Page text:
Authored by: Fiona Fong
On 30 September 2021, the Government passed into law the Securities and Futures (Amendment) Ordinance 2021 and the Limited Partnership Fund and Business Registration Legislation (Amendment) Ordinance 2021 (the Ordinances). These new laws will enable foreign investment funds to be re-domiciled and registered in Hong Kong as open-ended fund companies (OFCs) or limited partnership funds (LPFs). The Ordinances will come into effect on 1 November 2021.
The Ordinances do not only set out the re-domiciliation procedure, but more importantly provide certainty on the continuity of non-Hong Kong investment funds upon registering in Hong Kong. The re-domiciliation does not operate to (a) create a new legal entity; (b) prejudice or affect the identity or continuity of the non-Hong Kong fund in its place of incorporation or establishment; (c) affect any contract made, resolution passed or any other thing done by or in relation to the non-Hong Kong fund; (d) affect any function, property, right, privilege, obligation or liability acquired, accrued or incurred by or to the non-Hong Kong fund; or (e) render defective any legal proceedings commenced or continued by or against the non-Hong Kong fund.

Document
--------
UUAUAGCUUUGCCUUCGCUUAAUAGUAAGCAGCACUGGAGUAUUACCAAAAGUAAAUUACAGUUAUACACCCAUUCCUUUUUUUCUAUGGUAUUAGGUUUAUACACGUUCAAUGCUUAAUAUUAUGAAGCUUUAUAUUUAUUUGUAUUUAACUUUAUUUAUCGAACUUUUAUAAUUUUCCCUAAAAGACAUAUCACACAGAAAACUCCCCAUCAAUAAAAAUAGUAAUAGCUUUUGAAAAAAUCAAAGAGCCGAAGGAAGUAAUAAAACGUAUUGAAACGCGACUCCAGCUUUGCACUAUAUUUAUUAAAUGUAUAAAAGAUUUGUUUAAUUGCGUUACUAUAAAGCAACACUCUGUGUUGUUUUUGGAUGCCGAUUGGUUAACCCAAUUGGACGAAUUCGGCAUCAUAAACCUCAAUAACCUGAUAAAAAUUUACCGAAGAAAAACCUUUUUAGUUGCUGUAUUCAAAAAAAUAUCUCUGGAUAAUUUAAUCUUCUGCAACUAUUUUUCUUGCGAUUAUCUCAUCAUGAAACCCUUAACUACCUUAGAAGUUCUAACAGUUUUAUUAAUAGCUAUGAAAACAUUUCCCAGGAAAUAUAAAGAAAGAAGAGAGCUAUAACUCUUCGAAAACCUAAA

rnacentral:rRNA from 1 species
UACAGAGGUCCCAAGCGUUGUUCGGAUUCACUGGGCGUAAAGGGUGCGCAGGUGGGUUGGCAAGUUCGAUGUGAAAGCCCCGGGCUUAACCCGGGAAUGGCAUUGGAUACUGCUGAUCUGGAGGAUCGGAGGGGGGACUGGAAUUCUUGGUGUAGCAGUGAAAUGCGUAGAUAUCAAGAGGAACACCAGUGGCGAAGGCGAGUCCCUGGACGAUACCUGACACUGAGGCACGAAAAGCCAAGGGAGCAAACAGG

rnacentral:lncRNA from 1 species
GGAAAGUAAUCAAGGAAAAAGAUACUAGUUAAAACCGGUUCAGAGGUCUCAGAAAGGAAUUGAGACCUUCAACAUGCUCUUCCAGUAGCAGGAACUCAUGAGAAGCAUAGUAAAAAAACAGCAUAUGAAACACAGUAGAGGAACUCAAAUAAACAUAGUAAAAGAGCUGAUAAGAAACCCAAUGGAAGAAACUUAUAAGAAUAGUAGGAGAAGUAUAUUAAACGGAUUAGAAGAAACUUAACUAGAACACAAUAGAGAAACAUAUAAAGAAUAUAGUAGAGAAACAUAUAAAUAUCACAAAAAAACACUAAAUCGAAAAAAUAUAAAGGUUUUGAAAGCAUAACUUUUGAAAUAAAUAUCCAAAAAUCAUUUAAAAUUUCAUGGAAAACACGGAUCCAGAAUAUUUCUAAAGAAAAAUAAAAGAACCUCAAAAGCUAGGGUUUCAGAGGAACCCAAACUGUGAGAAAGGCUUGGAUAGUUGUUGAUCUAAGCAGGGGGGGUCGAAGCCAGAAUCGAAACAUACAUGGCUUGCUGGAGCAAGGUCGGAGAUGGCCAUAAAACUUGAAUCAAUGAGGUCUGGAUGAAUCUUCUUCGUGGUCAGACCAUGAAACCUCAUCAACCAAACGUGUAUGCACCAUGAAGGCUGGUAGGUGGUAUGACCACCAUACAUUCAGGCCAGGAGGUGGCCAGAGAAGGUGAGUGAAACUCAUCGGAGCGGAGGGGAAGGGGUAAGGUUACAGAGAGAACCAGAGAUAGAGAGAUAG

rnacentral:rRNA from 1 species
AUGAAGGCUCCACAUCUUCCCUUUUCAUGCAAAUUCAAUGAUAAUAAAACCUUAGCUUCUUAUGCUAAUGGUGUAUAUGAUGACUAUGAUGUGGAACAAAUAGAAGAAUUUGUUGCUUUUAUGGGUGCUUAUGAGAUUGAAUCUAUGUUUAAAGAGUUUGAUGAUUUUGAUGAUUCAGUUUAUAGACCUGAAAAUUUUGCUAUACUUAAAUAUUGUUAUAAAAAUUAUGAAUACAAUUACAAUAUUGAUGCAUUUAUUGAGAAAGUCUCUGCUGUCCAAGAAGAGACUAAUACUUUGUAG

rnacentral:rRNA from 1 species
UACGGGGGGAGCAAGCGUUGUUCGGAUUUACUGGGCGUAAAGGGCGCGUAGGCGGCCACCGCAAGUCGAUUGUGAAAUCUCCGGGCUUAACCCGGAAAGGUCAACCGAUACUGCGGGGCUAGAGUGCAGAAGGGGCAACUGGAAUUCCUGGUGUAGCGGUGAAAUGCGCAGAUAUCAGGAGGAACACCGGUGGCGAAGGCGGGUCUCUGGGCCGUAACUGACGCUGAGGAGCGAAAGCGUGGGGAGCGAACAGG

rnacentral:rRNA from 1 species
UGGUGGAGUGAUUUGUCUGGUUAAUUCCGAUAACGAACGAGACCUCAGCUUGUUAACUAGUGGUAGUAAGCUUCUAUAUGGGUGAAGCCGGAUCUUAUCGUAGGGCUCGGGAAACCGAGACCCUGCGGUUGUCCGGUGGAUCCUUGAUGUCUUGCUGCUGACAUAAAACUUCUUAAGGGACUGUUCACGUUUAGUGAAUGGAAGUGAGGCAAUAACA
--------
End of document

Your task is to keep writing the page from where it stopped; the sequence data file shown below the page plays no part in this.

From overseas corporate funds to OFCs
An application should be made to the Securities and Futures Commission (SFC) to register a non-Hong Kong fund corporation as an OFC. As soon as reasonably practicable after such registration, the SFC will notify the Companies Registry (CR) which will issue a certificate of re-domiciliation, certifying that the entity has become an OFC.
Don’t forget that the new grant scheme for OFCs is also open to a non-Hong Kong fund corporation which successfully re-domiciles to Hong Kong as an OFC before 9 May 2024. The grant will cover eligible expenses paid to Hong Kong-based service providers in relation to the re-domiciliation, subject to a cap of HK$1 million per OFC and a maximum of three OFCs per investment manager. For further details, please refer to our publication “Time to apply for subsidies for open-ended fund companies and REITS”.
From overseas limited partnerships to LPFs
An application should be made to the CR by the general partner to register a non-Hong Kong limited partnership fund as an LPF. Such application must be submitted on behalf of the general partner by a Hong Kong firm or a solicitor. On registration, the CR will issue a certificate to that effect.
For both OFCs and LPFs, the non-Hong Kong investment fund must be deregistered in its original place of incorporation or establishment within 60 days after re-domiciling to Hong Kong. The SFC or CR (as the case may be) may extend this 60-day period on application if it considers appropriate.
We have seen strong interest from Hong Kong investment managers in adopting Hong Kong-domiciled fund structures since the introduction of the OFC and LPF regimes. This trend is expected to continue as the Hong Kong Government pushes out more initiatives to benefit the asset management industry and develop Hong Kong as the preferred fund domicile.